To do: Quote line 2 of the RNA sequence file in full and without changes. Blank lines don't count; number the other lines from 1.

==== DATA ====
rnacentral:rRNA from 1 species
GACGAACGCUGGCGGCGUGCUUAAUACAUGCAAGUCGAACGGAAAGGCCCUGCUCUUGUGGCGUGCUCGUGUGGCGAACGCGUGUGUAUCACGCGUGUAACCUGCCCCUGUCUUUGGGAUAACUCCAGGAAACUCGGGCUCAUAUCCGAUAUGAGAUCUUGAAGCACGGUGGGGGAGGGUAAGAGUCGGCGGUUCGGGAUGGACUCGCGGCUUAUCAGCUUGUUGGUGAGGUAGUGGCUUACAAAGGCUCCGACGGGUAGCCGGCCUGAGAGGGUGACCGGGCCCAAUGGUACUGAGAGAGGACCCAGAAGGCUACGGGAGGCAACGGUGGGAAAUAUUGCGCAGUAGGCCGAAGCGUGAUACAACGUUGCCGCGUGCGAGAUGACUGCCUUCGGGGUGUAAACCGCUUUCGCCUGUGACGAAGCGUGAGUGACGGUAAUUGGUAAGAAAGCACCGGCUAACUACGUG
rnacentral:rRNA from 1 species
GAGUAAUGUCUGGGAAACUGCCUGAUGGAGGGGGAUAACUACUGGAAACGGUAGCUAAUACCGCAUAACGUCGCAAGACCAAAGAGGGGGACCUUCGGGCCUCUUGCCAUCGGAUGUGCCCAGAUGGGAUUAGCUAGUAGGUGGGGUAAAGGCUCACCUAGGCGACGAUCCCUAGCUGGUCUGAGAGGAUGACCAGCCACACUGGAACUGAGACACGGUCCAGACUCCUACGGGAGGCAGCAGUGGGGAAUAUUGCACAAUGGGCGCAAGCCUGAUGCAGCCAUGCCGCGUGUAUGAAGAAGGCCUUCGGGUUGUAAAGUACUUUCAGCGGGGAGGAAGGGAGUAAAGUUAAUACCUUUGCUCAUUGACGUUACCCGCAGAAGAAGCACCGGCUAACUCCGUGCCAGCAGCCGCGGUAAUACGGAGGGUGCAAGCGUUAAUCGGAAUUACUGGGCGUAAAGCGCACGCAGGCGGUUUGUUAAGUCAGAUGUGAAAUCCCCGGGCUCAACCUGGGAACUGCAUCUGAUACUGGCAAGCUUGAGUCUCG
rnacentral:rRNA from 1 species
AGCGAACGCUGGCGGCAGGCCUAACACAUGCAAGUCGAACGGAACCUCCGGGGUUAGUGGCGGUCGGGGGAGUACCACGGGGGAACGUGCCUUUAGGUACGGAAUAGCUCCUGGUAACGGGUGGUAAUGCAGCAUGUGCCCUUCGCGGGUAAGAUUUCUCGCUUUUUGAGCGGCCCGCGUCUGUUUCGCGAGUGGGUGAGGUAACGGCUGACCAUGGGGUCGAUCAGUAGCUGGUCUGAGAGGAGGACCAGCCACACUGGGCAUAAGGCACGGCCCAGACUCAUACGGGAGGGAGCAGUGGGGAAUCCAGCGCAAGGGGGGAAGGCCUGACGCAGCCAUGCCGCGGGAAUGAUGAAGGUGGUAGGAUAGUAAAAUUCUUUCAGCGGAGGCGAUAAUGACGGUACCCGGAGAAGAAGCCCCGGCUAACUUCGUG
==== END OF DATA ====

GACGAACGCUGGCGGCGUGCUUAAUACAUGCAAGUCGAACGGAAAGGCCCUGCUCUUGUGGCGUGCUCGUGUGGCGAACGCGUGUGUAUCACGCGUGUAACCUGCCCCUGUCUUUGGGAUAACUCCAGGAAACUCGGGCUCAUAUCCGAUAUGAGAUCUUGAAGCACGGUGGGGGAGGGUAAGAGUCGGCGGUUCGGGAUGGACUCGCGGCUUAUCAGCUUGUUGGUGAGGUAGUGGCUUACAAAGGCUCCGACGGGUAGCCGGCCUGAGAGGGUGACCGGGCCCAAUGGUACUGAGAGAGGACCCAGAAGGCUACGGGAGGCAACGGUGGGAAAUAUUGCGCAGUAGGCCGAAGCGUGAUACAACGUUGCCGCGUGCGAGAUGACUGCCUUCGGGGUGUAAACCGCUUUCGCCUGUGACGAAGCGUGAGUGACGGUAAUUGGUAAGAAAGCACCGGCUAACUACGUG